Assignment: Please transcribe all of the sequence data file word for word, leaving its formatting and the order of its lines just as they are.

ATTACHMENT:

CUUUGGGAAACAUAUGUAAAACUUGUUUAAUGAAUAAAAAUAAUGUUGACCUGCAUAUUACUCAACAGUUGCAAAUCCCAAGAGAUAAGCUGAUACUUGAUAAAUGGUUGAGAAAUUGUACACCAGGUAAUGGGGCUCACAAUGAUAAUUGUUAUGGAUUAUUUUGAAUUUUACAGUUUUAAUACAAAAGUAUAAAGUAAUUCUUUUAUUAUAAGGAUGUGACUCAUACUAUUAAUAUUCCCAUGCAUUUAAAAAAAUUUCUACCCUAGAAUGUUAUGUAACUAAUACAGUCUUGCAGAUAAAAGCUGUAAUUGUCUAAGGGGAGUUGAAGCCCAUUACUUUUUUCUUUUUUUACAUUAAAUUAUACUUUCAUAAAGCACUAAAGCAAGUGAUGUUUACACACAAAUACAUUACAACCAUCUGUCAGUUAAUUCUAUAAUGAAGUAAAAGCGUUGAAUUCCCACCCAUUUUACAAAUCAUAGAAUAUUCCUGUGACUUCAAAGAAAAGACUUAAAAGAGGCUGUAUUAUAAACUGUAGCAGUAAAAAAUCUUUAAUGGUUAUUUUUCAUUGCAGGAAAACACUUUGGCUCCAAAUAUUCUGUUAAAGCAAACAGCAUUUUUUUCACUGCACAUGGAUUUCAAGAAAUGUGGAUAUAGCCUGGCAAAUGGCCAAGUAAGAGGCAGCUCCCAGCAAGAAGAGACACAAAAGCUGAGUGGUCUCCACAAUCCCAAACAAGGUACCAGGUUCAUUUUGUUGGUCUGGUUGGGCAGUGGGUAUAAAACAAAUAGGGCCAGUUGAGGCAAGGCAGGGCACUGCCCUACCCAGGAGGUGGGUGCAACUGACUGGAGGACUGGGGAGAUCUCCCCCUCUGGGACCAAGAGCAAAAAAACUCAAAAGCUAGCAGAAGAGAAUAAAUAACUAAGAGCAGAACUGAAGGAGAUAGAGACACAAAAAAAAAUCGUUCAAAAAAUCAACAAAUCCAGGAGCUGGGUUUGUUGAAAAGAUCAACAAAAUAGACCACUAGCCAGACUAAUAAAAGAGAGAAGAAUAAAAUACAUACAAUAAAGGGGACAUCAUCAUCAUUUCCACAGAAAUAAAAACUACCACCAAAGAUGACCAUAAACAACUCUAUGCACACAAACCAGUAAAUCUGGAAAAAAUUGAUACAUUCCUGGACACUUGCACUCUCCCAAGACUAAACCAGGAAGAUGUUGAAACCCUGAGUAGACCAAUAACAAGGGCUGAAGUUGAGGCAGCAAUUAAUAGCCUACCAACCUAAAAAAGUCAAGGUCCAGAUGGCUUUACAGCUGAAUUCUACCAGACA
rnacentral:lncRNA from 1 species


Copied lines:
CUUUGGGAAACAUAUGUAAAACUUGUUUAAUGAAUAAAAAUAAUGUUGACCUGCAUAUUACUCAACAGUUGCAAAUCCCAAGAGAUAAGCUGAUACUUGAUAAAUGGUUGAGAAAUUGUACACCAGGUAAUGGGGCUCACAAUGAUAAUUGUUAUGGAUUAUUUUGAAUUUUACAGUUUUAAUACAAAAGUAUAAAGUAAUUCUUUUAUUAUAAGGAUGUGACUCAUACUAUUAAUAUUCCCAUGCAUUUAAAAAAAUUUCUACCCUAGAAUGUUAUGUAACUAAUACAGUCUUGCAGAUAAAAGCUGUAAUUGUCUAAGGGGAGUUGAAGCCCAUUACUUUUUUCUUUUUUUACAUUAAAUUAUACUUUCAUAAAGCACUAAAGCAAGUGAUGUUUACACACAAAUACAUUACAACCAUCUGUCAGUUAAUUCUAUAAUGAAGUAAAAGCGUUGAAUUCCCACCCAUUUUACAAAUCAUAGAAUAUUCCUGUGACUUCAAAGAAAAGACUUAAAAGAGGCUGUAUUAUAAACUGUAGCAGUAAAAAAUCUUUAAUGGUUAUUUUUCAUUGCAGGAAAACACUUUGGCUCCAAAUAUUCUGUUAAAGCAAACAGCAUUUUUUUCACUGCACAUGGAUUUCAAGAAAUGUGGAUAUAGCCUGGCAAAUGGCCAAGUAAGAGGCAGCUCCCAGCAAGAAGAGACACAAAAGCUGAGUGGUCUCCACAAUCCCAAACAAGGUACCAGGUUCAUUUUGUUGGUCUGGUUGGGCAGUGGGUAUAAAACAAAUAGGGCCAGUUGAGGCAAGGCAGGGCACUGCCCUACCCAGGAGGUGGGUGCAACUGACUGGAGGACUGGGGAGAUCUCCCCCUCUGGGACCAAGAGCAAAAAAACUCAAAAGCUAGCAGAAGAGAAUAAAUAACUAAGAGCAGAACUGAAGGAGAUAGAGACACAAAAAAAAAUCGUUCAAAAAAUCAACAAAUCCAGGAGCUGGGUUUGUUGAAAAGAUCAACAAAAUAGACCACUAGCCAGACUAAUAAAAGAGAGAAGAAUAAAAUACAUACAAUAAAGGGGACAUCAUCAUCAUUUCCACAGAAAUAAAAACUACCACCAAAGAUGACCAUAAACAACUCUAUGCACACAAACCAGUAAAUCUGGAAAAAAUUGAUACAUUCCUGGACACUUGCACUCUCCCAAGACUAAACCAGGAAGAUGUUGAAACCCUGAGUAGACCAAUAACAAGGGCUGAAGUUGAGGCAGCAAUUAAUAGCCUACCAACCUAAAAAAGUCAAGGUCCAGAUGGCUUUACAGCUGAAUUCUACCAGACA
rnacentral:lncRNA from 1 species